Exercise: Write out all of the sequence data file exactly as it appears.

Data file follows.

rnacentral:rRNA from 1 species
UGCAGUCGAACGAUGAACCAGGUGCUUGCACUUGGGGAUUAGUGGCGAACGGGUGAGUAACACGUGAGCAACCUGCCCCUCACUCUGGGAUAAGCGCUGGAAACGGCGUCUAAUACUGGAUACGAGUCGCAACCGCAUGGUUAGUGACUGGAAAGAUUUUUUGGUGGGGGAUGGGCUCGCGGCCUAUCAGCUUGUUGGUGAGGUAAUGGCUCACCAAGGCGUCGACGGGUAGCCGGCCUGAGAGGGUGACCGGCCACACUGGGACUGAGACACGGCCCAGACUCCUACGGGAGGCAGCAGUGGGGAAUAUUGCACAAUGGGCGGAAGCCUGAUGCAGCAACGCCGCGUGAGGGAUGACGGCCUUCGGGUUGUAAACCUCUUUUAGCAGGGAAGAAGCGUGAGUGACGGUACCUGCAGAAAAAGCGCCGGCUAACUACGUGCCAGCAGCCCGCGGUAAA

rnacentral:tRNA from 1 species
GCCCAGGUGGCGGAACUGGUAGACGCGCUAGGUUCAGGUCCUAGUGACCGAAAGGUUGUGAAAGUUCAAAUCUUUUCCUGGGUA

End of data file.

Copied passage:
rnacentral:rRNA from 1 species
UGCAGUCGAACGAUGAACCAGGUGCUUGCACUUGGGGAUUAGUGGCGAACGGGUGAGUAACACGUGAGCAACCUGCCCCUCACUCUGGGAUAAGCGCUGGAAACGGCGUCUAAUACUGGAUACGAGUCGCAACCGCAUGGUUAGUGACUGGAAAGAUUUUUUGGUGGGGGAUGGGCUCGCGGCCUAUCAGCUUGUUGGUGAGGUAAUGGCUCACCAAGGCGUCGACGGGUAGCCGGCCUGAGAGGGUGACCGGCCACACUGGGACUGAGACACGGCCCAGACUCCUACGGGAGGCAGCAGUGGGGAAUAUUGCACAAUGGGCGGAAGCCUGAUGCAGCAACGCCGCGUGAGGGAUGACGGCCUUCGGGUUGUAAACCUCUUUUAGCAGGGAAGAAGCGUGAGUGACGGUACCUGCAGAAAAAGCGCCGGCUAACUACGUGCCAGCAGCCCGCGGUAAA

rnacentral:tRNA from 1 species
GCCCAGGUGGCGGAACUGGUAGACGCGCUAGGUUCAGGUCCUAGUGACCGAAAGGUUGUGAAAGUUCAAAUCUUUUCCUGGGUA